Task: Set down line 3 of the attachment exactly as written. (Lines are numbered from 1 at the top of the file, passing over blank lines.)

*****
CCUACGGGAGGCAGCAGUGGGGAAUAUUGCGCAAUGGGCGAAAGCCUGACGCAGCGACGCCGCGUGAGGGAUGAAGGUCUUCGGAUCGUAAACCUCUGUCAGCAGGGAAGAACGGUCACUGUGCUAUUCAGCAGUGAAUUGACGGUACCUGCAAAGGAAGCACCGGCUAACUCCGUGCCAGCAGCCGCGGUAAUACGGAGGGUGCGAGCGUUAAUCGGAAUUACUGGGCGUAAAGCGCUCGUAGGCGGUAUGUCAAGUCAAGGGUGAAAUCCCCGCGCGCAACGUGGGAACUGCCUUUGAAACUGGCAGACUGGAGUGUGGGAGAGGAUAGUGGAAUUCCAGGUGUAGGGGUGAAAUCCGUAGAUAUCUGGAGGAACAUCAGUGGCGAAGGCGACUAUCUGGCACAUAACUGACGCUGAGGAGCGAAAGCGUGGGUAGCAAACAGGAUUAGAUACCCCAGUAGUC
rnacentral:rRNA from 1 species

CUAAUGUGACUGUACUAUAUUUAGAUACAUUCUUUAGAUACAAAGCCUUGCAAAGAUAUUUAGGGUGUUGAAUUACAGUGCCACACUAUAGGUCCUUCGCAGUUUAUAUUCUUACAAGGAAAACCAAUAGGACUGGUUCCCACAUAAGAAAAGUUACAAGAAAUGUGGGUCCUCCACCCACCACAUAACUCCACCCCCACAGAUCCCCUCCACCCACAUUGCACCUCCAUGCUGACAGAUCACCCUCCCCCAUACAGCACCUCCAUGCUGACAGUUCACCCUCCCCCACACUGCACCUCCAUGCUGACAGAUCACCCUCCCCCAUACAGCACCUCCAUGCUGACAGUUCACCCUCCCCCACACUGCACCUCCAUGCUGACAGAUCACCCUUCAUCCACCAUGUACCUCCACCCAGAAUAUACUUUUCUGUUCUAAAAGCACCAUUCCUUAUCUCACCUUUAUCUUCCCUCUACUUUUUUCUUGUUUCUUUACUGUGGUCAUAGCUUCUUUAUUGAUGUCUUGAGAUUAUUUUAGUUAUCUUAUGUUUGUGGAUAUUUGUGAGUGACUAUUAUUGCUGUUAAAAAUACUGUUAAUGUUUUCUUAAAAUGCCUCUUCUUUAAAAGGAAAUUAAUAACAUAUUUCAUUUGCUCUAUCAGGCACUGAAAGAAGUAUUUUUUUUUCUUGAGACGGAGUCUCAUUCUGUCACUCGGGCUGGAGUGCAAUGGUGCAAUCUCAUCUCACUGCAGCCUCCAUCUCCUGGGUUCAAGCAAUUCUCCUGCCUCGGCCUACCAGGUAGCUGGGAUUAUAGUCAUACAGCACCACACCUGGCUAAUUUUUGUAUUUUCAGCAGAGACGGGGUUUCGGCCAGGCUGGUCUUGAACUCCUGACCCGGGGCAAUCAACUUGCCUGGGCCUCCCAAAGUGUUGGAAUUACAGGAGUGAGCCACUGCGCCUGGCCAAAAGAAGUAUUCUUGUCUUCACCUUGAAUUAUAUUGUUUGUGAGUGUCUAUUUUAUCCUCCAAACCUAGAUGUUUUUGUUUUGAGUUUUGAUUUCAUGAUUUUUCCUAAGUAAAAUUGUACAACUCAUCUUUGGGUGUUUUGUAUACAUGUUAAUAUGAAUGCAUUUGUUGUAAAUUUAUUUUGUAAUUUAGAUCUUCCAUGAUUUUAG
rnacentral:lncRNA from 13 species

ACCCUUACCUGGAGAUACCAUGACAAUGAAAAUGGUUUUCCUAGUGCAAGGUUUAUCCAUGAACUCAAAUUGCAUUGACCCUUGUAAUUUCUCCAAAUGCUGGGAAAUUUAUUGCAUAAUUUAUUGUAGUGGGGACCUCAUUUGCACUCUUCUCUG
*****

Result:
CUAAUGUGACUGUACUAUAUUUAGAUACAUUCUUUAGAUACAAAGCCUUGCAAAGAUAUUUAGGGUGUUGAAUUACAGUGCCACACUAUAGGUCCUUCGCAGUUUAUAUUCUUACAAGGAAAACCAAUAGGACUGGUUCCCACAUAAGAAAAGUUACAAGAAAUGUGGGUCCUCCACCCACCACAUAACUCCACCCCCACAGAUCCCCUCCACCCACAUUGCACCUCCAUGCUGACAGAUCACCCUCCCCCAUACAGCACCUCCAUGCUGACAGUUCACCCUCCCCCACACUGCACCUCCAUGCUGACAGAUCACCCUCCCCCAUACAGCACCUCCAUGCUGACAGUUCACCCUCCCCCACACUGCACCUCCAUGCUGACAGAUCACCCUUCAUCCACCAUGUACCUCCACCCAGAAUAUACUUUUCUGUUCUAAAAGCACCAUUCCUUAUCUCACCUUUAUCUUCCCUCUACUUUUUUCUUGUUUCUUUACUGUGGUCAUAGCUUCUUUAUUGAUGUCUUGAGAUUAUUUUAGUUAUCUUAUGUUUGUGGAUAUUUGUGAGUGACUAUUAUUGCUGUUAAAAAUACUGUUAAUGUUUUCUUAAAAUGCCUCUUCUUUAAAAGGAAAUUAAUAACAUAUUUCAUUUGCUCUAUCAGGCACUGAAAGAAGUAUUUUUUUUUCUUGAGACGGAGUCUCAUUCUGUCACUCGGGCUGGAGUGCAAUGGUGCAAUCUCAUCUCACUGCAGCCUCCAUCUCCUGGGUUCAAGCAAUUCUCCUGCCUCGGCCUACCAGGUAGCUGGGAUUAUAGUCAUACAGCACCACACCUGGCUAAUUUUUGUAUUUUCAGCAGAGACGGGGUUUCGGCCAGGCUGGUCUUGAACUCCUGACCCGGGGCAAUCAACUUGCCUGGGCCUCCCAAAGUGUUGGAAUUACAGGAGUGAGCCACUGCGCCUGGCCAAAAGAAGUAUUCUUGUCUUCACCUUGAAUUAUAUUGUUUGUGAGUGUCUAUUUUAUCCUCCAAACCUAGAUGUUUUUGUUUUGAGUUUUGAUUUCAUGAUUUUUCCUAAGUAAAAUUGUACAACUCAUCUUUGGGUGUUUUGUAUACAUGUUAAUAUGAAUGCAUUUGUUGUAAAUUUAUUUUGUAAUUUAGAUCUUCCAUGAUUUUAG